Lewis and Erasmus, <916 GUE
  Sartorius Photo (A) / (B)
  Sartorius Photo (A) / (B) / (C) / (D) / (E)
  Sartorius Photo (A) / (B)
  Sartorius finds a host, 925 (A) / (B)
  Magical Injection, 925 (A) / (B)
  Baptism of Alexandria, 926 (A) / (B) / (C) / (D)
  The Sacrifice (A) / (B) / (C) / (D) / (E)

  949 GUE:
    Sartorius in sarcophagi  (A) / (B)
    Sartorius implores the pilgrim (A) / (B)
    The Four vs. Lucien #1 (A) / (B) / (C)
    Tempting the pilgrim with poision (A) / (B)
    The Four vs. Lucien #2 (A) / (B) / (C)
    The Ceremony (lose game) (A) / (B) / (C)
    The Ceremony defeated (A) / (B) / (C)

  GUE Tech degree
  Antharia University degree
  Galepath University notice of expulsion

Chief of Staff, Gray Mountains Asylum / Research Scientist / Physician

Erasmus Sartorius was born to Lewis Sartorius in Frostham on Jam 19, 895 GUE. He was one of the chief cornerstones in the establishment of the curse of the Forbidden Lands which would completely devastate much of the Eastlands in the 940s. This secret circle of outwardly respectable citizens were in reality rogue alchemists—the pious Bishop Francois Malveaux, the military hero General Thaddeus Kaine, the music conservatory mistress Madame Sophia Hamilton and respected asylum chief Dr. Erasmus Sartorius. The cult was in search of the goal of alchemy: the fifth element of the quintessence, the elixir of life, the philosopher’s stone which would bring to each one immorality. But unlike traditional alchemy which teaches that it is through the distillation of metals, that the elixir can be found—this cult practiced a twisted, deviant belief. They believed that this elixir could be created, only when the final element—a drop of the most purified, rarefied blood was distilled and spilled. To achieve their goal, they would create a woman. In the process, these four would release a vengeful force known as the Nemesis which tormented innocents throughout the Eastlands.

Erasmus Sartorius (914~8 GUE)
Son of the great alchemist and doctor Lewis Sartorius, Erasmus was abused as a child and raised with little concern for his health or safety. He looked to medicine as a way to give people what he never had. Except that his ideas were twisted. It seemed simple to him: To learn about pain, you inflict it. Even as a child, he operated on dolls with sick medical instruments. As he matured in age, Sartorius became obsessed with learning the secret of the origin of life, how to create life, and the reviving of the dead. He initially left Frostham and attended the Galepath University, from where he was quickly expelled.

The Notice of Expulsion, dated Ottobur 10, 914 (which he proudly framed and later showcased in the Gray Mountain Asylum) was written by Dr. Belzork Anthrax of the university:

Dearest Mr. Sartorius,

Although we understand your need to pursue a meaningful curriculum, we strongly object to being called “fat flatfooted brogmoids.”

Therefore I must inform you that, in the name of the Moss League of Colleges, you are hereby expelled.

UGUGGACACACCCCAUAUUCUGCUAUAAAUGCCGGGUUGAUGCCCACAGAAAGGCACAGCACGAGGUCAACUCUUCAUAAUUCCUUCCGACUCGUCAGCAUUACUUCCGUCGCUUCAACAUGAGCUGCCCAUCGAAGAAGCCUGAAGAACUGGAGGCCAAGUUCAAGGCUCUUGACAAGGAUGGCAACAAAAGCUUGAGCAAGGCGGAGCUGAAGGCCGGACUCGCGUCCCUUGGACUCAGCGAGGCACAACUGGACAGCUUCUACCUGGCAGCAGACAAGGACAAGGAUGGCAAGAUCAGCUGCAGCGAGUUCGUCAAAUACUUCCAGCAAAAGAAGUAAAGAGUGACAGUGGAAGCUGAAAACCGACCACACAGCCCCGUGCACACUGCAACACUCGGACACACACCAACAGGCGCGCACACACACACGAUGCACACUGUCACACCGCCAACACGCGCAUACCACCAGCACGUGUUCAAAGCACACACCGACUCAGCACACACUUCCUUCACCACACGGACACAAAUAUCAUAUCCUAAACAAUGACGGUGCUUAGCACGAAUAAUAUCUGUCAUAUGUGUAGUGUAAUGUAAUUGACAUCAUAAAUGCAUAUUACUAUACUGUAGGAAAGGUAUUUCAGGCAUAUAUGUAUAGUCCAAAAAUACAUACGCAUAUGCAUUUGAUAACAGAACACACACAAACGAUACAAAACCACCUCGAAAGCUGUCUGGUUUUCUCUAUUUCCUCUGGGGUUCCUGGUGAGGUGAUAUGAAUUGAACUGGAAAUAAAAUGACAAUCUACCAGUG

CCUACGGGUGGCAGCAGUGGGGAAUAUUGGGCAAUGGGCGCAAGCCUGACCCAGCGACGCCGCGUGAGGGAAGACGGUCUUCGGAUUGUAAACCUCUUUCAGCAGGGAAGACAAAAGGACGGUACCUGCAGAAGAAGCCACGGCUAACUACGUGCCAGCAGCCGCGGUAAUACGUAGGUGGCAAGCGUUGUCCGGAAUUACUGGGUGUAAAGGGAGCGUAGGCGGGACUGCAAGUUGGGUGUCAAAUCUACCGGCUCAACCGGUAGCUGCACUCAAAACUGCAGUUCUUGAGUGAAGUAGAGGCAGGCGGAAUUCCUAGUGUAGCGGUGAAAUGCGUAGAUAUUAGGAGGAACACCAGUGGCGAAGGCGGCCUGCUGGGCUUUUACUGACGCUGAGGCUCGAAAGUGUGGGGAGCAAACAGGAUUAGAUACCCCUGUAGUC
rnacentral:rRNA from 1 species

Have a nice day.

Dr. Belzork Anthrax 

Almost immediately after, Erasmus Sartorius attended Antharia University. He graduated from the university on Jam 6, 915, honored with a degree in Home Thaumaturgy and Science. That same year, his father Lewis died. He left his book, “The Blood Alchemist” for his son. Written in the front was the following:

My Son;

I now lie on my deathbed. I leave so much work undone. I sense I am close to the truth, yet the quintessence still eludes me. Follow the new school of alchemy. There are rumors of an ancient underground temple; a shrine which has the power to create the philosopher’s stone. It was created by an engineer of Duncanthrax named C. Agrippa, but his work disappeared. You must find it.

-Your Loving Father

Erasmus Sartorius wanted only one thing: to complete his father's controversial work—a study of blood alchemy. Through the research of his late father, Sartorius learned of alchemy and the new school of alchemists. While the conventional philosophy looked to science and chemistry for some of its answers, the new school believed that they had found the answers to the search for the Elixir of Life. These alchemists believed that the fifth essence was the purified spirit. Alchemy was his answer to his questions about the physical world. His medical quests had already led him to every part of Zork, and into every form of science, and his attendance at GUE Tech was no exception. Sartorius graduated from the school on Jam 7, 918 with a D.T. (Doctor of Thaumaturgy) degree in the Science of Enchantment.

Because of his strange experiments and theories, Sartorius was rejected by the medical establishment (had his membership revoked from the Quendoran Medical Association), whom he considered lazy, self-congratulatory, and fattened hypocrites. Undaunted by the skeptics who attacked him, he pursued his alchemical obsessions with zeal and passion. Alchemy was Sartorius' answer to his questions about the physical world. Helping to create eternal life was the ultimate scientific achievement and his ultimate revenge on the petty and uninspired medical establishment. Sartorius' airy Asylum exposed his need for control over everything physical.

Francois Malveaux Elected Bishop (922 GUE)